Remember to keep any records that support the amount of CJRS grant you claim, in case HMRC needs to check them. You can view, print, or download copies of your previously submitted claims by logging onto your CJRS service on GOV.UK.

Please feel free talk to us about making a claim, we have helped many clients through these troubled times, especially as the scheme has changed several times over the last six months.

Self-employment Income Support Scheme (SEISS) update 

HMRC has issued guidance on the third SEISS grant and specifically how trading conditions affect eligibility.

To be able to claim for the third grant, you must either:

  • be currently trading but are impacted by reduced demand due to coronavirus
  • have been trading but are temporarily unable to do so due to coronavirus

You must also: 

  • intend to continue to trade
  • reasonably believe there will be a significant reduction in your trading profits due to reduced demand or your inability to trade

You must also meet all other eligibility criteria to make a claim.

HMRC states that it expects SEISS claimants to make an honest assessment about whether they reasonably believe their businesses will have a significant reduction in profits.

Feel free talk to us before making a SEISS claim – we can work through your figures and make an accurate estimate of what you should expect.


Penalties for overclaimed CJRS, SEISS and “Eat Out to Help Out” grants

HMRC have announced that they will be imposing penalties of up to 100% of the amounts overclaimed on businesses so it is important to make sure that your claims are correct.

The penalties depend on whether or not the overclaim is the result of a deliberate error and whether or not the disclosure was prompted by HMRC. The penalty may be reduced where the taxpayer assists HMRC in correcting the error. 

Many overclaims may be the result of careless errors or a misinterpretation of the rules which have changed many times in the last nine months so we hope that HMRC will apply the rules with a light touch and focus on those that have abused these schemes.

We have heard that HMRC are writing to 4,000 catering establishments that they suspect may have overclaimed under the “Eat Out to Help Out” scheme that ran in August.  Traders are being asked to check their claims and respond within 60 days or face an HMRC compliance check.

If you need an independent check on what you have claimed, please contact us.

Paying VAT deferred due to Coronavirus

HMRC has issued further guidance on paying deferred VAT as follows:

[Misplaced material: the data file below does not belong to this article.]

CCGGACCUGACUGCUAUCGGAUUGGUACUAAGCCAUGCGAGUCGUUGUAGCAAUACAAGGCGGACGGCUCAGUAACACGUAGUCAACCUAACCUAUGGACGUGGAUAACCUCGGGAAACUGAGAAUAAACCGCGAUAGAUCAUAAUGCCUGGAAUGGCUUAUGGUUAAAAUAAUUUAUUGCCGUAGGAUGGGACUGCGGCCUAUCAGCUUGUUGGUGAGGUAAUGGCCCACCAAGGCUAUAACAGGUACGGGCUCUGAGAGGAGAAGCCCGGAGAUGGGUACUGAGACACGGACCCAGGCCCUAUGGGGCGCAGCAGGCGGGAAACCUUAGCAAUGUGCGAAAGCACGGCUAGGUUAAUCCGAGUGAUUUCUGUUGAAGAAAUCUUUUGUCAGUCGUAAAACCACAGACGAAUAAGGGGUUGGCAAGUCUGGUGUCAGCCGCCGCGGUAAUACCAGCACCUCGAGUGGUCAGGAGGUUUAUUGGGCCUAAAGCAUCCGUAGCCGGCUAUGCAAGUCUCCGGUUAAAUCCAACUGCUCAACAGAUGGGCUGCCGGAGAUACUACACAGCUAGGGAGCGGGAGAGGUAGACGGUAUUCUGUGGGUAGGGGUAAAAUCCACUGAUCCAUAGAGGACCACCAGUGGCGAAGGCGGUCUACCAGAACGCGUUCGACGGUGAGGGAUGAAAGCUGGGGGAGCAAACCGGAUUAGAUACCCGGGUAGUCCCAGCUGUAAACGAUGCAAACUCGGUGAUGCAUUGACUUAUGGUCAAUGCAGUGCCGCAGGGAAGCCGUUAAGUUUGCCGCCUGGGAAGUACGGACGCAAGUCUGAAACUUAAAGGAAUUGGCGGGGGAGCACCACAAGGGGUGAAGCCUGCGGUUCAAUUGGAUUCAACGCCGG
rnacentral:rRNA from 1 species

If you deferred VAT between 20 March and 30 June 2020 and still have payments to make, you can:

• pay the deferred VAT in full on or before 31 March 2021

• opt into the VAT deferral new payment scheme when it launches in 2021

• contact HMRC if you need more help to pay

You cannot yet opt into the new deferral scheme. The online opt in process will be available in early 2021. You must opt in yourself. Your agent cannot do this for you.

Under the new deferral scheme, instead of paying the full amount by the end of March 2021, you can make from 2 to 11 smaller monthly instalments, interest free. All instalments must be paid by the end of March 2022. To be able to opt into the scheme you must still have deferred VAT to pay, be up to date with your VAT returns and be able to pay the deferred VAT by Direct Debit.

You will need to have a Government Gateway account set up to be able to opt into the scheme.

If you opt into the scheme, you can still have a ‘time to pay arrangement’ for other HMRC debts and outstanding tax.


Local Restrictions Support Grant and Shop Local scheme

Details of the grant programmes related to the impact of the Government’s National Lockdown measures and local restrictions are on the “Wolves in Business” portal. Eligibility criteria and an application link for the Local Restrictions Support Grant, and for the Additional Restrictions Grant can be found at – if you are outside Wolverhampton it is worth checking on your local council website for similar support schemes in your area.

A ‘Shop Local’ scheme launched in Wolverhampton last week. The Shop Local campaign aims to support the city’s local shops and businesses throughout the lockdown and in the run up to Christmas by showcasing their details on a new website for free – supported by an extensive marketing campaign. The Shop Local scheme is an initiative being led by City of Wolverhampton Council and Wolverhampton and Bilston Business Improvement Districts. To get your details listed on the website please click here 

New Relight Business Programme to support small businesses in Wolverhampton